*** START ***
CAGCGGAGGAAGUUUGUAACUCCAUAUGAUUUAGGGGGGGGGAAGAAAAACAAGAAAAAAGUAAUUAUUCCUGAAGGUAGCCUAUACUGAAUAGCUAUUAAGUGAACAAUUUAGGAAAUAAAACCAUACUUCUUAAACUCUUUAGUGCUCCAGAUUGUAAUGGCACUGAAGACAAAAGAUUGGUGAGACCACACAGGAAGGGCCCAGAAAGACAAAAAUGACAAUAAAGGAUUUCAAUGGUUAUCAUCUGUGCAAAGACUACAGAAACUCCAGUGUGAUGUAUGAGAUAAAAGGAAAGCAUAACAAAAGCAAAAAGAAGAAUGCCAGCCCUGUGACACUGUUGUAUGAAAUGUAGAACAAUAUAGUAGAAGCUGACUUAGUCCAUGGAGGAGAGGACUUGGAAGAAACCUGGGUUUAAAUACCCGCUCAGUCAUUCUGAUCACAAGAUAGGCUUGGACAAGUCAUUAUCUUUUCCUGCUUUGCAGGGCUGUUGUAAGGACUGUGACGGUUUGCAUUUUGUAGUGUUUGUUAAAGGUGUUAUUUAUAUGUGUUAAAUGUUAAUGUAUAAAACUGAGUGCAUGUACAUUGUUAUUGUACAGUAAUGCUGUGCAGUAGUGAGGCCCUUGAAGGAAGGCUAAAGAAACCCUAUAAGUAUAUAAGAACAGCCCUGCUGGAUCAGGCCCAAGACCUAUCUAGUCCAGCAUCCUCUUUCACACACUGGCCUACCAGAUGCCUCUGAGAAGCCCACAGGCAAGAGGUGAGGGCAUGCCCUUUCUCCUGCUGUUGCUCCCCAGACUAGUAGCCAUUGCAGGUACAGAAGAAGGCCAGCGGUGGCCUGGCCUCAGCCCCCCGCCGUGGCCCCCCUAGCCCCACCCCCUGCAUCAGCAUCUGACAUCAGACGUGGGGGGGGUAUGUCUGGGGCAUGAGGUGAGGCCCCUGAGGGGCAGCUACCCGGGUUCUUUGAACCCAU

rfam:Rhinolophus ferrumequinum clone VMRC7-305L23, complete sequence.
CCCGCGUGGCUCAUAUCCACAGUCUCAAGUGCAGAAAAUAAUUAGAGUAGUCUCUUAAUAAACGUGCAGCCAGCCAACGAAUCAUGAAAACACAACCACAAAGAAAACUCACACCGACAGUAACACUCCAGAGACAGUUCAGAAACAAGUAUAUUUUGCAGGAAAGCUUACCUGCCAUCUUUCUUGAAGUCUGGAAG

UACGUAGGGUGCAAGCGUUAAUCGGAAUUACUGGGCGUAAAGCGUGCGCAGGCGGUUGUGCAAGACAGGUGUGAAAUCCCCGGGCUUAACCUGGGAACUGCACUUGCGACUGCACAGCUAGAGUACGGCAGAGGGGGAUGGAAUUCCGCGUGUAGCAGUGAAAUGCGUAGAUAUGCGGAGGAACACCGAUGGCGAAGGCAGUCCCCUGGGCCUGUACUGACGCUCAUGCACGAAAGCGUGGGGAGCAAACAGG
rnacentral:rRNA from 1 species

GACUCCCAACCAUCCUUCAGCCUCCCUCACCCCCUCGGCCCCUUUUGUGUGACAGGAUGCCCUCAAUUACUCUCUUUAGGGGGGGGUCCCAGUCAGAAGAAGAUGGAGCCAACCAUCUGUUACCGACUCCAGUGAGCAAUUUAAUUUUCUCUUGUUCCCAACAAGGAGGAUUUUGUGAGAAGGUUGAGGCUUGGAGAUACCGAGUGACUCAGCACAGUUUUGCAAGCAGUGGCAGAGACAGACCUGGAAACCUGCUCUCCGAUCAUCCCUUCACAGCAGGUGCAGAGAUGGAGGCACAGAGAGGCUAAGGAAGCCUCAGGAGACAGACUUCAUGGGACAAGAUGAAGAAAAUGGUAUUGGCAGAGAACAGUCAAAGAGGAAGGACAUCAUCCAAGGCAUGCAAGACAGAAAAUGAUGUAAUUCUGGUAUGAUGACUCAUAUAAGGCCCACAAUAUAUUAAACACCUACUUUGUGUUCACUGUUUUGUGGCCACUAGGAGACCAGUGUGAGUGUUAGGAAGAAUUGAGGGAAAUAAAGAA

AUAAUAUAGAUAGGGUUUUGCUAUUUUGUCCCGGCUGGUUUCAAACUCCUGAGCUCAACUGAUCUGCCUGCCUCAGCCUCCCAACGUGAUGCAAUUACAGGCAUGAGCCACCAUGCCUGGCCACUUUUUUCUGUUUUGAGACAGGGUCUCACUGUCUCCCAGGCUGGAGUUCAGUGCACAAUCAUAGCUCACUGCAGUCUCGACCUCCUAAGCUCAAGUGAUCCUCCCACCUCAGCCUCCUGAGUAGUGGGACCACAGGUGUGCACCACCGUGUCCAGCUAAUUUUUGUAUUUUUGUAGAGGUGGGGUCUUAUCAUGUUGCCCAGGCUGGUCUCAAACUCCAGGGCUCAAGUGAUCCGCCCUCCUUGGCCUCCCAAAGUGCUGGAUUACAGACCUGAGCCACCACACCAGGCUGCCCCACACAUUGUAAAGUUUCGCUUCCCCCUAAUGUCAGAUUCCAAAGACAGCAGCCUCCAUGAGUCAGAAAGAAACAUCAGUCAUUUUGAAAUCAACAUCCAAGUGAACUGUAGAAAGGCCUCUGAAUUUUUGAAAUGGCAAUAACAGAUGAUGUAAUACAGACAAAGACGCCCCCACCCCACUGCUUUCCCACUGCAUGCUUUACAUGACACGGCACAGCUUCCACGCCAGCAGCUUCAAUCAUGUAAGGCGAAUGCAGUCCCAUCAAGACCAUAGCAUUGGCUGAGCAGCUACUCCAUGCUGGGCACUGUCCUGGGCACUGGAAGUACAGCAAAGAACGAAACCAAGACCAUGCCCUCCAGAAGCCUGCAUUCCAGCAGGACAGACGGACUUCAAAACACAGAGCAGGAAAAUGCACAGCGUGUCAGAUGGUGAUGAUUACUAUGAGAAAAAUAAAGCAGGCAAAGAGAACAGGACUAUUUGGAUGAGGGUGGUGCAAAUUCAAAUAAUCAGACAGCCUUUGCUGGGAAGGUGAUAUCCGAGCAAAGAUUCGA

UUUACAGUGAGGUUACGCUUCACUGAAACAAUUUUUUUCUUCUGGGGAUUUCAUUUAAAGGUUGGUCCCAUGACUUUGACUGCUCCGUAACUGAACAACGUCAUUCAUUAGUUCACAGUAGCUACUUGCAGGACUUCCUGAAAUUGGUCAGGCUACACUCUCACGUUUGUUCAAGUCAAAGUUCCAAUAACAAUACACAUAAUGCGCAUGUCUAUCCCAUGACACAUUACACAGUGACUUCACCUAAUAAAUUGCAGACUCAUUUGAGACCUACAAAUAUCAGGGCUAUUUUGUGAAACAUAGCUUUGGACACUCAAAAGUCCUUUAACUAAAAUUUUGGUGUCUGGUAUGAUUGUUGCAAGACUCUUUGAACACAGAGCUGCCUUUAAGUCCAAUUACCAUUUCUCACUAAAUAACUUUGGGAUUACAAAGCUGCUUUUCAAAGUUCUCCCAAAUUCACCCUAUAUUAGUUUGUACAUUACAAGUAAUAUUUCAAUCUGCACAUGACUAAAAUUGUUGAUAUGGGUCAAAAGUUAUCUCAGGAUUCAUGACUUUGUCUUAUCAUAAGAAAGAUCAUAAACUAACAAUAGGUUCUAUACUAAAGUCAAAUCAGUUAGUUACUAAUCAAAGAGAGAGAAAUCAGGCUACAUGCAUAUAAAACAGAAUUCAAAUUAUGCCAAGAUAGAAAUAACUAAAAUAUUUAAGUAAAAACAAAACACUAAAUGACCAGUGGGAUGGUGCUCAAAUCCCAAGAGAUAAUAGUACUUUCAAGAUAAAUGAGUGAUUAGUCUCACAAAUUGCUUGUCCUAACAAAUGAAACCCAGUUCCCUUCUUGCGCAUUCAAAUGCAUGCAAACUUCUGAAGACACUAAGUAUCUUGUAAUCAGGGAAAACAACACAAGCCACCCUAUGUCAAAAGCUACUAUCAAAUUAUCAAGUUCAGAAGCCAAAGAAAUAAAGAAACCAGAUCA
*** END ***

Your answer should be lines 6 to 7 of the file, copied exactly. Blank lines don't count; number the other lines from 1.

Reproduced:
GACUCCCAACCAUCCUUCAGCCUCCCUCACCCCCUCGGCCCCUUUUGUGUGACAGGAUGCCCUCAAUUACUCUCUUUAGGGGGGGGUCCCAGUCAGAAGAAGAUGGAGCCAACCAUCUGUUACCGACUCCAGUGAGCAAUUUAAUUUUCUCUUGUUCCCAACAAGGAGGAUUUUGUGAGAAGGUUGAGGCUUGGAGAUACCGAGUGACUCAGCACAGUUUUGCAAGCAGUGGCAGAGACAGACCUGGAAACCUGCUCUCCGAUCAUCCCUUCACAGCAGGUGCAGAGAUGGAGGCACAGAGAGGCUAAGGAAGCCUCAGGAGACAGACUUCAUGGGACAAGAUGAAGAAAAUGGUAUUGGCAGAGAACAGUCAAAGAGGAAGGACAUCAUCCAAGGCAUGCAAGACAGAAAAUGAUGUAAUUCUGGUAUGAUGACUCAUAUAAGGCCCACAAUAUAUUAAACACCUACUUUGUGUUCACUGUUUUGUGGCCACUAGGAGACCAGUGUGAGUGUUAGGAAGAAUUGAGGGAAAUAAAGAA

AUAAUAUAGAUAGGGUUUUGCUAUUUUGUCCCGGCUGGUUUCAAACUCCUGAGCUCAACUGAUCUGCCUGCCUCAGCCUCCCAACGUGAUGCAAUUACAGGCAUGAGCCACCAUGCCUGGCCACUUUUUUCUGUUUUGAGACAGGGUCUCACUGUCUCCCAGGCUGGAGUUCAGUGCACAAUCAUAGCUCACUGCAGUCUCGACCUCCUAAGCUCAAGUGAUCCUCCCACCUCAGCCUCCUGAGUAGUGGGACCACAGGUGUGCACCACCGUGUCCAGCUAAUUUUUGUAUUUUUGUAGAGGUGGGGUCUUAUCAUGUUGCCCAGGCUGGUCUCAAACUCCAGGGCUCAAGUGAUCCGCCCUCCUUGGCCUCCCAAAGUGCUGGAUUACAGACCUGAGCCACCACACCAGGCUGCCCCACACAUUGUAAAGUUUCGCUUCCCCCUAAUGUCAGAUUCCAAAGACAGCAGCCUCCAUGAGUCAGAAAGAAACAUCAGUCAUUUUGAAAUCAACAUCCAAGUGAACUGUAGAAAGGCCUCUGAAUUUUUGAAAUGGCAAUAACAGAUGAUGUAAUACAGACAAAGACGCCCCCACCCCACUGCUUUCCCACUGCAUGCUUUACAUGACACGGCACAGCUUCCACGCCAGCAGCUUCAAUCAUGUAAGGCGAAUGCAGUCCCAUCAAGACCAUAGCAUUGGCUGAGCAGCUACUCCAUGCUGGGCACUGUCCUGGGCACUGGAAGUACAGCAAAGAACGAAACCAAGACCAUGCCCUCCAGAAGCCUGCAUUCCAGCAGGACAGACGGACUUCAAAACACAGAGCAGGAAAAUGCACAGCGUGUCAGAUGGUGAUGAUUACUAUGAGAAAAAUAAAGCAGGCAAAGAGAACAGGACUAUUUGGAUGAGGGUGGUGCAAAUUCAAAUAAUCAGACAGCCUUUGCUGGGAAGGUGAUAUCCGAGCAAAGAUUCGA